Vehicles with an automatic transmission or gearbox are slowly becoming more and more popular than manual-transmission cars. That is because of the convenience of not having to use a clutch, as well as not having to figure out which gear to use in certain situations.
But thankfully, manual-transmission cars are still around. In fact, a lot of people prefer to use them. If you’re not familiar with how it works, here’s a, well, manual on driving a manual prepared by Philkotse.com.
AT cars are in, but MT cars are still around
1. Different gears
When you enter the driver’s side door, you will see the car gear lever handle on the right side of the driver’s seat. On top of it or on its knob, there are markings, namely 1, 2, 3, 4, 5, and R. In newer models, you might also find a 6. The meaning of each is as follows:
- 1: First gear
- 2: Second gear
- 3: Third gear
- 4: Fourth gear
- 5: Fifth gear
- 6: Sixth gear
- R: Reverse
Right in the middle of these markings is the neutral (“N”) gear, but it doesn’t have a marking. Nonetheless, you know that it is in “N” gear when you can move the stick or lever freely from side to side.
Neutral is not usually marked but is basically engaged when the shift knob moves freely from side to side
2. Manual transmission driving guide
Now that we are familiar with the various gears found on a manual transmission car, let us learn when to use each of them.
The N gear
When you are in neutral, it basically means you have not selected any gear. It is always best to make sure your car is in “N” gear when you start the car.
Your gear should also be in neutral when your car is parked. In both situations, make sure you apply the handbrake as well. Additionally, as some of you might leave your car with the engine on, such as when you forgot something in the house and you just need to get it, leaving the gear on neutral is also recommended.
When you are moving forward or are setting off from a stationary position, your car must be on first gear. An exception will be when you are on a downhill street. The first gear should also be used if the traffic is moving slowly.
The second gear is a more economical option than the first gear because it provides more speed using lower power. This gear option is useful when you are starting from a stationary phase and are on a downhill street.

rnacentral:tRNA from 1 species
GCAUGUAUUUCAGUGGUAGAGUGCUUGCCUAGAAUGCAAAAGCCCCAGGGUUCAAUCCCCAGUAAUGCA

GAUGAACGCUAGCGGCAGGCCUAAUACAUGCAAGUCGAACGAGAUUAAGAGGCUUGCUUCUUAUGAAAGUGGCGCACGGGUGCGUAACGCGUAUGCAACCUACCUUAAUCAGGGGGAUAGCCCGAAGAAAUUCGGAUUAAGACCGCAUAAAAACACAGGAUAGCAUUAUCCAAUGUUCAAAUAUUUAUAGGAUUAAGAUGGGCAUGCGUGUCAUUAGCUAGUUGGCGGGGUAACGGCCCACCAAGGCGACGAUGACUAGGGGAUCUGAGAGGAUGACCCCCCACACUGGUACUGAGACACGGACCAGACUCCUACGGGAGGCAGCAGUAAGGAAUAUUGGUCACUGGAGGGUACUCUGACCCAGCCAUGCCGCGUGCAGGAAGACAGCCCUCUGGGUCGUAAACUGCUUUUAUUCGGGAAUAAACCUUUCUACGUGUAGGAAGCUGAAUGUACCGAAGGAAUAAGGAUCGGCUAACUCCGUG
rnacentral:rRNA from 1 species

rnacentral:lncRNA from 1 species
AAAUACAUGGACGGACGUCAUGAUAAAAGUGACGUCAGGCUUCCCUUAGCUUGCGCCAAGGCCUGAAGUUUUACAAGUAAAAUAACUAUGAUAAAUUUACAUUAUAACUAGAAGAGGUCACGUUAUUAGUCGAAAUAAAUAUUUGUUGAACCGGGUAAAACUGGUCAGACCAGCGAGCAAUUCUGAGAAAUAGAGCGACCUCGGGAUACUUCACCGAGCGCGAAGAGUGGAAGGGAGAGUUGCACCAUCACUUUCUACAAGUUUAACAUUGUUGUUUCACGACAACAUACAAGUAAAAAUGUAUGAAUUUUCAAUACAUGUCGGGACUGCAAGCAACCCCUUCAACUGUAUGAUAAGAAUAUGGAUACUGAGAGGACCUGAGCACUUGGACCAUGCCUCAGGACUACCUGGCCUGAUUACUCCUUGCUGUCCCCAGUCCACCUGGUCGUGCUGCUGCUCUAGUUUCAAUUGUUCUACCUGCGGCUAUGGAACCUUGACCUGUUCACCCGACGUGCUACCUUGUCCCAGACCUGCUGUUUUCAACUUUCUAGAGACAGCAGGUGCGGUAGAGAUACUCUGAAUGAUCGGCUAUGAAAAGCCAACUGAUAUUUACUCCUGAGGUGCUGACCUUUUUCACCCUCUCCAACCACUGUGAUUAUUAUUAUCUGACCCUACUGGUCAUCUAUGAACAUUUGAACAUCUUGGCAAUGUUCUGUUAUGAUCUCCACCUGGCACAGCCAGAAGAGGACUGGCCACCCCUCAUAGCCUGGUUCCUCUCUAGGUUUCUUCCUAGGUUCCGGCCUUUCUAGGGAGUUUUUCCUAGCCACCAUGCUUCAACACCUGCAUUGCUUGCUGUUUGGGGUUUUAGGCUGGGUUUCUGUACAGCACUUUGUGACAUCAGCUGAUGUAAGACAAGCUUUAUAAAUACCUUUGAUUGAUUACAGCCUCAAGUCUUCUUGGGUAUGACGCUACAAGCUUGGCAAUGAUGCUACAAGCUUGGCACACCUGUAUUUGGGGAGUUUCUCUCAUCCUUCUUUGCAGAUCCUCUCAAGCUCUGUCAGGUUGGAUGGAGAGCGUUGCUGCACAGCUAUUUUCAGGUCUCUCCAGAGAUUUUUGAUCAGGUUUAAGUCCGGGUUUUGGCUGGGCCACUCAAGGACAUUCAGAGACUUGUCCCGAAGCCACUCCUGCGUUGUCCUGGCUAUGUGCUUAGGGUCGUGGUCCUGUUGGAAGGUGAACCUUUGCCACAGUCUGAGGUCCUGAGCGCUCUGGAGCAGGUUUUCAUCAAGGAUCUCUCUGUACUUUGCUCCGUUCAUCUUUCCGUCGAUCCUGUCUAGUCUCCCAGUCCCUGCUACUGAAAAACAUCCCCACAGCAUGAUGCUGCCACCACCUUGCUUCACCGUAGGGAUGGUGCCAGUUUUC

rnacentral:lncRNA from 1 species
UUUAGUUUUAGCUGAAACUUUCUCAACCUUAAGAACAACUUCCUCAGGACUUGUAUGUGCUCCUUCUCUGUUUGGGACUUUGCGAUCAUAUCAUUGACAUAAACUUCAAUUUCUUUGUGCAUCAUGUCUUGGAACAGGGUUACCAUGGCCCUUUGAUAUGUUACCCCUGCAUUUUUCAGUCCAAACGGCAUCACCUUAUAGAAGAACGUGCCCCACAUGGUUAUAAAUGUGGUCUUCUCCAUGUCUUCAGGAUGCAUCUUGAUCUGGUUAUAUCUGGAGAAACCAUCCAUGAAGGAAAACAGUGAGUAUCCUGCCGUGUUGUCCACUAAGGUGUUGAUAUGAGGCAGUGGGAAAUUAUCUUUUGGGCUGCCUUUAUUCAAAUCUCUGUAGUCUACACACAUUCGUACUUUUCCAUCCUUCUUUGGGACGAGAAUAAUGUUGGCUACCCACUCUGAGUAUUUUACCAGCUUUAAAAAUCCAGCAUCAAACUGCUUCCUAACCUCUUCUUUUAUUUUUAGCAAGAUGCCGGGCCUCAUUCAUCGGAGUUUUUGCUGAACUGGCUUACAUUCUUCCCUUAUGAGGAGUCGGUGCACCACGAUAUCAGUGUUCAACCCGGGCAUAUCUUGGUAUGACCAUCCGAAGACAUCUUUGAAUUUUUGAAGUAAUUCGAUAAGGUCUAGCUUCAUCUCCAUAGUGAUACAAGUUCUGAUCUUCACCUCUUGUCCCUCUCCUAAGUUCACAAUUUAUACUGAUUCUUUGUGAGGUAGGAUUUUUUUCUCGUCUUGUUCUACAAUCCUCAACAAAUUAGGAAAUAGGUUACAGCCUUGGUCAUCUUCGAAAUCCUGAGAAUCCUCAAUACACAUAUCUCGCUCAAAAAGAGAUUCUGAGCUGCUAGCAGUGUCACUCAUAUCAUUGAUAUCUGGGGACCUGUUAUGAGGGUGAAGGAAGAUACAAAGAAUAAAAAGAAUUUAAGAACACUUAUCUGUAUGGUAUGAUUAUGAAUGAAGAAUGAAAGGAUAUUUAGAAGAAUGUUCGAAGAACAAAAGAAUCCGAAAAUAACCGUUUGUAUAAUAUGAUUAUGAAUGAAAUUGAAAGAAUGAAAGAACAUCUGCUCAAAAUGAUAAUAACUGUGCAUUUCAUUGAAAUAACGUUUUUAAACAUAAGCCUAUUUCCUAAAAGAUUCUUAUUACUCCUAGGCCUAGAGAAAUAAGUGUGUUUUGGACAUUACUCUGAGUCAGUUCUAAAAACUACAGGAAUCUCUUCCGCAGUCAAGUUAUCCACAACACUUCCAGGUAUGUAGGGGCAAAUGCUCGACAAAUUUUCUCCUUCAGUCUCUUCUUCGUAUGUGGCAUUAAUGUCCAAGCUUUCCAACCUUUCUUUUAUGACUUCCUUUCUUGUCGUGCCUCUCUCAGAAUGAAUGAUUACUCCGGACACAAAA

>>> Read more: Top 9 biggest mistakes when driving a manual transmission car.
Third and fourth gears
These two gears provide higher speed than the first and second gears. Thus, these should be used when you are speeding.
Fifth and sixth gears
These gears are best when you are driving in an open road such as NLEX, SLEX, and TPLEX. This is because you can speed up to a certain level.
As the name implies, the reverse gear is for when you are backing up.
Always turn your head and look behind when using the R gear
As you can see from the above, for gears from first to sixth, as the number increases, it provides the car’s machine with higher speed but lower power. That being said, the right kind of gear to use will also depend on the speed you are at or trying to achieve. Here is a guide:
0 to 8kph
8 to 24kph
24 to 48kph
48 to 64kph
>>> Also read: Top 6 manual transmission-equipped cars you would love to drive.
3. How to shift gears
The good thing about shifting gears is that the gear handle will “lock” when you have successfully set it to a certain gear -- except the neutral gear, of course. Just make sure that you memorize the position of each so that you won’t make a mistake and experience stalling or worse, destroy the gearbox.
To shift gears properly, keep the following in mind:
- It is always best to move the lever gently. Do not apply too much force. Experts say that you must move it in a straight line or at 90-degree angle, depending on what gear you are trying to achieve. That is because the gears are parallel to each other.
- When slowing down, the change in gears will depend on what speed you are about to achieve. Apparently, there will be times when you can’t look at the speedometer, so listening to the engine will be best. If it seems like the engine is having a hard time, then the gear is too low. Same goes when you are increasing your speed but, of course, you are moving the gear to a higher number.
- It is recommended that you shift gears one step at a time. Meaning, when you are at first gear, the next one should be the second gear, then the third, and so on. Nonetheless, shifting from first to third gear is acceptable as long as you are sure that you are at the right speed; same goes when moving from a higher gear to a lower one. This is the so-called block-changing gears.
- If you are making a full stop and are at the high gears, depending on the car model, just press on the brake until you are four to five meters away from the stoplight or car in front of you. After which, or just before the car stops, step on the clutch and move to first gear.
- The last thing to remember is that when you are on first and reverse gears, your foot should be controlling the clutch.
>>> Just in case: How to drive a manual transmission car with slipping or broken clutch.
Cover the clutch with one foot while hitting the brakes
4. Gearing at its finest
Manual-transmission driving is not as difficult as it seems as long as you familiarize yourself with the gear positions and the recommended speed levels for each gear. It is also best to learn to listen to your car’s engine. This way, you do not need to look at the speedometer all the time.
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